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Garden Suites: An Innovative Option for Canadians

Written by Posted On Tuesday, 14 September 1999 00:00

Canadian laws have regulated Canadians into "thinking inside the box" when it comes to their homes. Innovation is often restricted by "housing rules" which include ‘larger is better' and ‘one house per lot is best.' Canada Mortgage and Housing Corporation, the federal housing agency, promotes ‘thinking outside the box' that breaks through these rules to embrace innovations such as garden suites—small, self-contained homes added to the lot of an existing single-family house.

Garden suites combine care giving and independence-enabling features in one solution to the varied housing challenges that face our growing population of senior citizens and their families. This type of housing gives each elderly resident the best of both worlds: the privacy and independence of having one's own home combined with the companionship and peace of mind gained by having caring family members close at hand.

This email address is being protected from spambots. You need JavaScript enabled to view it. , president of Oshawa-based Garden Units Leasing Ltd., sees growing demand, largely as a reaction to the cost of retirement housing: "Today, we are all seeking lower taxes which means less public funding directed towards eldercare. Eight-five percent of eldercare is in the care component not the accommodation. If the family looks after their grandparents at no cost other than mutual love and affection, this is a huge amount of money saved."

Garden suites, originally known as granny flats and frequently called care units, allow elderly individuals and couples to remain on their own property, or that of a family-member. Additional benefits include elimination of the stresses of isolation and relocation. Garden suites are not apartments but temporary (portable or prefabricated) one-storey, basement-less, one or two bedroom homes added to an existing property to house elderly and/or disabled people who wish to live independently but may need some help to do so.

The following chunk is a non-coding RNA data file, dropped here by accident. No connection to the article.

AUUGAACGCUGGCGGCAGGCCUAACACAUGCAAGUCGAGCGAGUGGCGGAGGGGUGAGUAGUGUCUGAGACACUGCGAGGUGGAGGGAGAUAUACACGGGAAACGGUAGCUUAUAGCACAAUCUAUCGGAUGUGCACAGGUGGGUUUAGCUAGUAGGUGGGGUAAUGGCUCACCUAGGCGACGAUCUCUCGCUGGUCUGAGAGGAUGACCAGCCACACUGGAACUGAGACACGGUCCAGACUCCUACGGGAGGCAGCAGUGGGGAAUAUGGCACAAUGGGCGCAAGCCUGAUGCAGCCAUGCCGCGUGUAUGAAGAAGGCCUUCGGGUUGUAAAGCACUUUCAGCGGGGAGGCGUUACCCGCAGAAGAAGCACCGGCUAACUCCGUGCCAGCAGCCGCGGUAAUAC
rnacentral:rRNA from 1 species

Although this housing option is a proven retirement-housing alternative in Australia, local Canadian municipal governments have given garden suites a cool reception. Those interested in having a garden suite often find their plans altered, delayed or aborted by municipal zoning bylaws, which regulate land use and building standards on a property by property basis. Gillberry says that municipalities nervous of garden suites are concerned that the unit would be used to house the non-elderly, potentially straining on-street parking and school systems. He feels the solution is not individually purchased or built garden suites but leased units.

"These care units should be regarded as an article which you hire from a local rental," said Gillberry. "When the care unit has fulfilled its specific function, you return this piece of equipment to the rental agency. The business opportunity lies in the sheer number of people interested."

Canada Mortgage and Housing Corporation's 1989 national garden suite demonstration led to government projections of 213,000 families potentially interested in a garden suite.

Variations on the garden-suite concept, for elderly individuals or couples, include:

  • A retired homeowner retaining ownership of the property, moving into a garden suite and letting family members "blood-related or extended" take over the main house;
  • A retired homeowner selling or giving the property to a family member or members with the provision that the retiree may live in a garden suite on the property;
  • A retiree moving into a unit on a family members property;
  • A retiree and family members jointly buying a property, perhaps a recreational property, with the agreement that the retiree would have a garden suite and the others would use the house or cottage;
  • A grandchild affording a house by hosting a grandparent's garden suite in exchange for financing.

More Canadian Topics:

  • British Columbia's Leaky Condos
  • Ontario's Tenant Protection Act
  • Canadian Housing: Affordability On The Rebound
  • Technology Reinvents Canada's Real Estate Boards
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